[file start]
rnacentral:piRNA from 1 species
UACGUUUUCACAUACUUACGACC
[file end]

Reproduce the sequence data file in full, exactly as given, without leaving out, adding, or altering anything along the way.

rnacentral:piRNA from 1 species
UACGUUUUCACAUACUUACGACC